Big insurance deals are bad news

The past decade has witnessed dramatic consolidation in every dimension of the metro Atlanta health care market. Spurred by changes from the Affordable Care Act, hospitals are hastily marrying each other and buying up smaller medical practices in their quest to expand.

Dr. Deep Shah
Dr. Deep Shah

Such activities tend to increase costs by 20 percent or more in an already concentrated market like ours.

But two recently proposed insurance mergers – Anthem-Cigna and Aetna-Humana – may have more impact. They would represent unprecedented consolidation of Georgia’s health insurance market.

Adding Cigna beneficiaries to Anthem-owned Georgia Blue Cross and Blue Shield of Georgia would boost its total enrollment to nearly 3.6 million. Aetna’s takeover of Humana would bring its membership to some 1.4 million.

Together, the two megacorporations would be responsible for half of the state’s insured population. The number of large commercial insurance carriers in Georgia would be reduced from five to three.

Combined with recent hospital mergers and acquisitions, the creation of these new insurance powerhouses would leave our community’s health in the hands of an oligopoly.

What would the health insurance companies’ strengthened market positions mean for Georgia’s businesses and ordinary citizens?

1. Lower wages: Increased costs for employers will ultimately be shifted to employees.

2. Higher premiums and deductibles: Consider that under the current system, with five large commercial insurers, premiums in Georgia are set to rise 8 percent to 29 percent in 2016. These rates will likely increase more steeply once there is less competition.

3. Small provider networks getting even smaller: Consider that 83 percent of plans currently offered through the Georgia health insurance marketplace limit patients to narrow or very narrow networks. More leverage for insurers will likely worsen this problem.

The American Hospital Association and the American Medical Association (AMA) have convincingly shown that further consolidation in the health insurance market will narrow patient choice, shrink access to care, and inflate costs for patients and employers nationwide.

Compared to other states, Georgia is at even greater risk of adverse outcomes. The AMA’s September 2015 analysis of the mergers demonstrated that Georgia and Kentucky are the only two states in which both the proposed mergers would 1) enhance the companies’ market power and 2) dampen competition.

The inevitable premium hikes will make purchasing coverage unaffordable for individuals and business owners. And many providers – forced to accept unfair payments from the newly formed monopolies – will lose the ability to expand, innovate and improve care for their patients.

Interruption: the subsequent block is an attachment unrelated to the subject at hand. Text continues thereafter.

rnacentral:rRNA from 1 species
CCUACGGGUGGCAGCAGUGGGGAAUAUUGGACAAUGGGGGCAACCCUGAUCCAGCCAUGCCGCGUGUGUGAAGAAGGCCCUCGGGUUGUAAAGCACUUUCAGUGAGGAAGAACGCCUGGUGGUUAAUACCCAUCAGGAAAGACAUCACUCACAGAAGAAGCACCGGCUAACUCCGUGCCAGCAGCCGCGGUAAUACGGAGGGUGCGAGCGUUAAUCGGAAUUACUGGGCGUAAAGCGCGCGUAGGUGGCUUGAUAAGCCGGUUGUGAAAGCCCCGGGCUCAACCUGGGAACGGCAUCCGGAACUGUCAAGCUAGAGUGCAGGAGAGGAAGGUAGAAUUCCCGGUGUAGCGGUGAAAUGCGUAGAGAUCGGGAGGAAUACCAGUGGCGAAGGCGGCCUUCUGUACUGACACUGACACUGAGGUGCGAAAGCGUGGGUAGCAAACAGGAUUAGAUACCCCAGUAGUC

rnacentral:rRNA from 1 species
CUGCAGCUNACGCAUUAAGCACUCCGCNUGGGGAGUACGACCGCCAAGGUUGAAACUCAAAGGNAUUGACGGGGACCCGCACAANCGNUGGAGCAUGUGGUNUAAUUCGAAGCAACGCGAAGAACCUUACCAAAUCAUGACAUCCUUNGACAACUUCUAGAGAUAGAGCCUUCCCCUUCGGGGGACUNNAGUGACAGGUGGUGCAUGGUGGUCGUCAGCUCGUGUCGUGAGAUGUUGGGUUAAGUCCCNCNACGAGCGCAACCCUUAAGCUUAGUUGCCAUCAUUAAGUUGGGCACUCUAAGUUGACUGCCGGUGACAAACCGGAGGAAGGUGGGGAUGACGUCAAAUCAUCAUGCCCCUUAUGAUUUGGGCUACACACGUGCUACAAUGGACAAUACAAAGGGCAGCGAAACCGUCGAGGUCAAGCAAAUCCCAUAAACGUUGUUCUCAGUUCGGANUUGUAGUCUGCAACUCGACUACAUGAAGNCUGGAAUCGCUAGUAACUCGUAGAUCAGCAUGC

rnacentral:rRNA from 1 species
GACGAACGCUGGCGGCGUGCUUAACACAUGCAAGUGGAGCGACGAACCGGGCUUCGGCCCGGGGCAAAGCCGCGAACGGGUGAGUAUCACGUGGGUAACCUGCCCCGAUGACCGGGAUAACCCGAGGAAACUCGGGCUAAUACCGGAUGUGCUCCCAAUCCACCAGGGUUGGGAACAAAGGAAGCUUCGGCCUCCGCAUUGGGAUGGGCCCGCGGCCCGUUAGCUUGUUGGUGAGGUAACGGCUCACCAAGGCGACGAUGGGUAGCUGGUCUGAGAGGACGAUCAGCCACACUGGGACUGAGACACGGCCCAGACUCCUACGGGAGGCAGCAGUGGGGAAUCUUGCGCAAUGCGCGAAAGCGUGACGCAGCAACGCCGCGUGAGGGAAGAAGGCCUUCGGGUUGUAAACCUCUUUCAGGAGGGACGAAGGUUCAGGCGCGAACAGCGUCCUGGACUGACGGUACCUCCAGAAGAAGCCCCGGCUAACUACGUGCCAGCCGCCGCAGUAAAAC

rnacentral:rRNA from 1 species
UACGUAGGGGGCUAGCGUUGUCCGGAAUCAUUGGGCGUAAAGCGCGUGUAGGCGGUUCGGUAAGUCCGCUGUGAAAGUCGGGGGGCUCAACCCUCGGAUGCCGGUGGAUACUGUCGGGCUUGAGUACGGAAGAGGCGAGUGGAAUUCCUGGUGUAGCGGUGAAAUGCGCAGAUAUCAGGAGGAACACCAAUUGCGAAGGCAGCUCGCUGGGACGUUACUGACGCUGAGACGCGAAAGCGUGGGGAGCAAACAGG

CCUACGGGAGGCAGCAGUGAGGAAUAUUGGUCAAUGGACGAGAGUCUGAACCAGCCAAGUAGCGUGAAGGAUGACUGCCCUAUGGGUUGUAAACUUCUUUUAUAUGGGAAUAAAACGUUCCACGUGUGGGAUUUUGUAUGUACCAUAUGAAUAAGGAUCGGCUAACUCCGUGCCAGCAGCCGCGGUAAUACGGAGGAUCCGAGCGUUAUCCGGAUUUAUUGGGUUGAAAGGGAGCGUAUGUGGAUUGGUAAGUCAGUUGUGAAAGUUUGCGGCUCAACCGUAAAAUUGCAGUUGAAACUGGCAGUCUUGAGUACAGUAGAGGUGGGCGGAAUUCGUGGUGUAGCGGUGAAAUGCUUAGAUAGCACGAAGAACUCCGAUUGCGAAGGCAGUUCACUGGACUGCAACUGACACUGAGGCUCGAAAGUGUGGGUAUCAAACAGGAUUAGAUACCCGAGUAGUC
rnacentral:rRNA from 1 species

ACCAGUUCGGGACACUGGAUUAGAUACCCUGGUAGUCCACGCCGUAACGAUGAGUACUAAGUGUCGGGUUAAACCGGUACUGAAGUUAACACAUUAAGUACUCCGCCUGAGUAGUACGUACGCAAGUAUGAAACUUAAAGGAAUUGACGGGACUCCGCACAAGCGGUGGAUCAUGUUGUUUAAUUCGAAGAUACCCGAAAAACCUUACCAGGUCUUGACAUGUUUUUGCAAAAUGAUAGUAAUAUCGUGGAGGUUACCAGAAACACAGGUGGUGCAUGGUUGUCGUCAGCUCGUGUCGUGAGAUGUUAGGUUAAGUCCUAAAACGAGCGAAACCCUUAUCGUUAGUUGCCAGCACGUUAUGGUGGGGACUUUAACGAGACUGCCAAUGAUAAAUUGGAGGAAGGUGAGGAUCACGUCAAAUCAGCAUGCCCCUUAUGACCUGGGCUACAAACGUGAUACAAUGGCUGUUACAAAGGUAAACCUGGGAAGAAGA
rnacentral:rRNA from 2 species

‘Sumo wrestlers’

If we doubt these consequences, we can examine the effect that mergers have had on Georgia’s hospital market.

As a February 2015 investigation by WSB-TV revealed, patients treated at metro Atlanta outpatient clinics bought by large hospitals are now being charged double and triple for the same services, including outpatient chemotherapy. Why? Consolidation has strengthened hospitals’ market power and bargaining power with insurance companies.

Healthcare Cost

Now imagine how much worse it will be if the already large commercial insurers combine into virtual monopolies.

“Experience suggests that a showdown between the sumo wrestlers [i.e., large hospitals and insurance companies] may well result in a handshake rather than an honest wrestling match,” health and antitrust law expert Thomas L. Greaney said Sept. 10 at a U.S. House Judiciary Committee hearing on the state of competition in health care. As he emphasized, “[the insurer] has little incentive to pass along the savings to its policyholders.”

If federal regulators approve the Anthem-Cigna and Aetna-Humana mergers, a few insurance companies – negotiating with a handful of large hospital-owned systems – could dictate access, choice and costs for individual Georgians and put further strain on businesses.

That would leave it up to the Georgia General Assembly and the state’s insurance commissioner to step in and scrutinize the deals. An honest assessment would likely reveal the potential for greater harm than most people anticipate.

For the good of patients, providers, and our local economy, these mergers should be halted.

Deep Shah, MD, MSc, is a senior medical resident at Emory University School of Medicine and an active member of the American College of Physicians’ Georgia chapter.  A native Atlantan and American Rhodes Scholar, Dr. Shah plans to practice primary care in metro Atlanta. Follow him on Twitter @DeepShahMD. Views expressed in this Commentary are his own.